also provided Clewiston with swimming pools, libraries and a youth
“When somebody’s child got hurt or
was seriously ill, the company would fly that child to a hospital in
Tampa, or wherever they needed to go,” John Perry, a former mayor of
Clewiston, said. “This was a wonderful, wonderful place to live.”
But that homey culture did not
survive the tide of globalization. The
North American Free Trade Agreement raised the prospect of a
flood of cheap sugar from Mexico and other countries with low wages.
U.S. Sugar scrambled to lower its costs.
Ellen Simms, U.S. Sugar’s former
comptroller, said that when the company had to trim its payroll, it
seemed to choose people with many years at the company.
“It was very obvious, with few
exceptions, that they were targeting the employees who had been
there the most time and who had the most ESOP shares,” she said. She
resigned in protest in 2004.
Meanwhile, the falling stock price
reported in the appraisals was a boon to the company, she said,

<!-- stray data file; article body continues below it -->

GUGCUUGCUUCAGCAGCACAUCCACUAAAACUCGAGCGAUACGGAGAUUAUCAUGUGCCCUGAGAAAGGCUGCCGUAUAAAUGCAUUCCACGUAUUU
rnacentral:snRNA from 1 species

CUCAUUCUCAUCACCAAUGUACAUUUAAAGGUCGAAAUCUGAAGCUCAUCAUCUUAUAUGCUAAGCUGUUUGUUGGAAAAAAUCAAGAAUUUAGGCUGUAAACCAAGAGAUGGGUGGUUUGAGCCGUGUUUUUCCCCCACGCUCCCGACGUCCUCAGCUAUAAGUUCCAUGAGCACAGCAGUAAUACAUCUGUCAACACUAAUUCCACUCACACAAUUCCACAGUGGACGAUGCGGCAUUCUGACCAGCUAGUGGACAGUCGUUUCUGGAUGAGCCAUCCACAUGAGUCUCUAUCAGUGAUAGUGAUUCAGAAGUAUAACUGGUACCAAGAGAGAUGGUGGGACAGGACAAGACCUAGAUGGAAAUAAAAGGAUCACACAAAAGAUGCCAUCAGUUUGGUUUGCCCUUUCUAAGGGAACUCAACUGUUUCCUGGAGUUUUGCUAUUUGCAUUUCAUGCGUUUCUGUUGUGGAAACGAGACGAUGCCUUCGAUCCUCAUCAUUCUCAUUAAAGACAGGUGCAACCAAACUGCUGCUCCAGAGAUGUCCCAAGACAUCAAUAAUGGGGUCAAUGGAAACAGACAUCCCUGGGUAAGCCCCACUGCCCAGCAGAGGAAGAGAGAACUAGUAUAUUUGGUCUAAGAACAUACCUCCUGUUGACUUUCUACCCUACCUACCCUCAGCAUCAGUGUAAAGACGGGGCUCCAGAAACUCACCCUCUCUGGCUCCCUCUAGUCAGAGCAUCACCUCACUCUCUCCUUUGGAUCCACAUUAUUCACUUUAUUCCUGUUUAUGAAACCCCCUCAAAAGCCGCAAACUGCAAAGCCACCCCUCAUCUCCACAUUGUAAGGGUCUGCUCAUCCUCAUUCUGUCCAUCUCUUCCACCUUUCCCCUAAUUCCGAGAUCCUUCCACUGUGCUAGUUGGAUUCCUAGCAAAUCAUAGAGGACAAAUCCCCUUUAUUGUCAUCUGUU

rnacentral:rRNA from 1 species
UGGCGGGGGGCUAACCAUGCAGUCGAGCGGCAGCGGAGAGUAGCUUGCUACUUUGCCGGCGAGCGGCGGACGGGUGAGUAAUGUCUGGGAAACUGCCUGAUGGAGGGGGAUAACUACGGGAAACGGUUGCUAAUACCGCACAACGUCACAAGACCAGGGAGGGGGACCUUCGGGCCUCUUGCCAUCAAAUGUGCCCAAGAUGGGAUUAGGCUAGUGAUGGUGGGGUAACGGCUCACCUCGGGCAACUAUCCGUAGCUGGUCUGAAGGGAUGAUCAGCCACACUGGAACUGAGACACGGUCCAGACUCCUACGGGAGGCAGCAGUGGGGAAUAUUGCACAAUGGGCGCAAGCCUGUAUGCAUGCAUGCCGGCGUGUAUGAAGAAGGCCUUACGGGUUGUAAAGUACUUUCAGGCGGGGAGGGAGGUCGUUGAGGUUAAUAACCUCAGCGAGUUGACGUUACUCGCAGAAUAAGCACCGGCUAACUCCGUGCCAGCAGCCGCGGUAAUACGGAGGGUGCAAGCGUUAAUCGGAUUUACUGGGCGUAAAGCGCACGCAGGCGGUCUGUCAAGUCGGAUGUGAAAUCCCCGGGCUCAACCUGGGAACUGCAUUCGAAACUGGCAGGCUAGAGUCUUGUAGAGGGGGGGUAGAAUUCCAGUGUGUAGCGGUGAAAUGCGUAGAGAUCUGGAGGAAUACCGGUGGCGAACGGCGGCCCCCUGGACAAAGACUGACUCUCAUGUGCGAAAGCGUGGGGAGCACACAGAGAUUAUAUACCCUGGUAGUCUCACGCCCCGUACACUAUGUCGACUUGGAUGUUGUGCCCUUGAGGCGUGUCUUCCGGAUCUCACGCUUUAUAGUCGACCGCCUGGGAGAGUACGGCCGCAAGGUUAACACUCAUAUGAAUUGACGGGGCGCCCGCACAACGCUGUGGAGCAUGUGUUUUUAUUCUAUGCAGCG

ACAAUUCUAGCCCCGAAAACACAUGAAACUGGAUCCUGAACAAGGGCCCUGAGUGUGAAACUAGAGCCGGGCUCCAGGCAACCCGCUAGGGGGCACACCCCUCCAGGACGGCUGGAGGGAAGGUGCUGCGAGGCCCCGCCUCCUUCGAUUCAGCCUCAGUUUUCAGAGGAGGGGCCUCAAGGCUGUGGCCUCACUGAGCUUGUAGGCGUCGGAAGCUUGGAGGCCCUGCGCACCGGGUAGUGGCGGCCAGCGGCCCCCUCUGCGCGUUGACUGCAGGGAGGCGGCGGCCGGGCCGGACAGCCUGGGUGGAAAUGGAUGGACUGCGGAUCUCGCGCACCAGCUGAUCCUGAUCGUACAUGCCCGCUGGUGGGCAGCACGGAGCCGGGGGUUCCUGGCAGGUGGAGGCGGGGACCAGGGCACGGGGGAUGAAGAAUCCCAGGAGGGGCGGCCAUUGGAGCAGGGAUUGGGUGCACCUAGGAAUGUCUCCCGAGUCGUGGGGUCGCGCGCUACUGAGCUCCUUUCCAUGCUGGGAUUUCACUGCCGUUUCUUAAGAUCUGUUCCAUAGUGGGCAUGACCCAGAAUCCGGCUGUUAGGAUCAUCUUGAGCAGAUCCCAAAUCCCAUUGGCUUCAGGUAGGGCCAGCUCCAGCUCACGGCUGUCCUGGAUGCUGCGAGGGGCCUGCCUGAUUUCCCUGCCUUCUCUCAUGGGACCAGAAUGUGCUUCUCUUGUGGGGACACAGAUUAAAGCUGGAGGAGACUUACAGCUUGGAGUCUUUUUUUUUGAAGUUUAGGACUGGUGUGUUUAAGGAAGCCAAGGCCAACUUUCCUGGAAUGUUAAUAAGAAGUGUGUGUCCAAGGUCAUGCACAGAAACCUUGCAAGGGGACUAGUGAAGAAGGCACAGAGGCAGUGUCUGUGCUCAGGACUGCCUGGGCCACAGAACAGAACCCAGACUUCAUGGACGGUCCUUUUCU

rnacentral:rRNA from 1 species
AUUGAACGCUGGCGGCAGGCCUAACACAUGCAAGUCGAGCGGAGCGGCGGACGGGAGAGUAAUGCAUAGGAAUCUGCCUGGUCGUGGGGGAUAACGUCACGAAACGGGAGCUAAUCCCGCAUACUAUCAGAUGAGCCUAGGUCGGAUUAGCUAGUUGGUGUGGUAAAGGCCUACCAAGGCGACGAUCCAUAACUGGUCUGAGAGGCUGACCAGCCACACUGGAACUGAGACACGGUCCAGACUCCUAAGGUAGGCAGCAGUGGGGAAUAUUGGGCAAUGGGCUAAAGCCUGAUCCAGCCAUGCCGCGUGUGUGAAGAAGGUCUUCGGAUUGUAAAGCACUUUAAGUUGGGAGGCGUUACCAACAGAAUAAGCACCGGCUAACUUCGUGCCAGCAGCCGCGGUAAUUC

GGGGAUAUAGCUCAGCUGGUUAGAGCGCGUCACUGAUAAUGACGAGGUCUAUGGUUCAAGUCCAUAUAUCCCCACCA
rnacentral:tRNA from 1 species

because it made it cheaper to buy out the workers.
The reported declines in the stock
price might not have been questioned, had it not been for two offers
to acquire U.S. Sugar, one in the summer of 2005 and the other in
early 2007. Both were made by the Lawrence Group, a large father-son
agribusiness concern in Sikeston, Mo., for $293 a share in cash.
Gaylon Lawrence Jr. confirmed the price but declined to comment
The worker-shareholders were being
paid $205 to $194 a share at the time, based on ESOP appraisals.
But to help vet the Lawrence Group’s
offer, U.S. Sugar hired a second appraisal firm to calculate the
company’s breakup value. This appraiser came up with $2.5 billion,
or about $1,273 a share.
U.S. Sugar then rejected the Lawrence
Group’s offer as inadequate.
Mr. McCorvey said he would have
tendered his shares to the Lawrence Group without a moment’s
hesitation. “But we were never given the opportunity,” he said.
John Logue, an ESOP specialist at
Kent State University, said federal law does not require
worker-owners to vote on acquisition offers. But, he said, “when
you’re in doubt, let the participants vote. We have kind of an
innate sense in the United States that people are entitled to do
what they want with the property they own.”